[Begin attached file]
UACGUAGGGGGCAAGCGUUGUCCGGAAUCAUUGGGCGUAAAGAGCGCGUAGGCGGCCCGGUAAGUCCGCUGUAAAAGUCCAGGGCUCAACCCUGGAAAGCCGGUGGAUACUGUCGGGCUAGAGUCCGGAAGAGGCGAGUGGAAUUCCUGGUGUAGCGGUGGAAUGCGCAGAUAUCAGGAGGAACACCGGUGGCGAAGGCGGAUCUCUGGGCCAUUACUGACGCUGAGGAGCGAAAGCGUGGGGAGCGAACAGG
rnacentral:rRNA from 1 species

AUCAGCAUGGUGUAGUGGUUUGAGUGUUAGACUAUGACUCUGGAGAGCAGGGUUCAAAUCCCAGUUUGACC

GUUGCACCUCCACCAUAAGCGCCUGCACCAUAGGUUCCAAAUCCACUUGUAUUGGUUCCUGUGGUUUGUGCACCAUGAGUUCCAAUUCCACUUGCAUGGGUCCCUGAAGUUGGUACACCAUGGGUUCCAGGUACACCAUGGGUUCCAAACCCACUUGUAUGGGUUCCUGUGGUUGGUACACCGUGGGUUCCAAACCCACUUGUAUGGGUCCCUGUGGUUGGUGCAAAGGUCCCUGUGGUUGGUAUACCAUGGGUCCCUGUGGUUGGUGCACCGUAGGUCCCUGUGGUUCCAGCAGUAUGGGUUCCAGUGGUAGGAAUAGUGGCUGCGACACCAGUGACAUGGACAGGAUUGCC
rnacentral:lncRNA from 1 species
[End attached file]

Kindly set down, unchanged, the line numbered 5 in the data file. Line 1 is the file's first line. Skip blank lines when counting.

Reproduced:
rnacentral:lncRNA from 1 species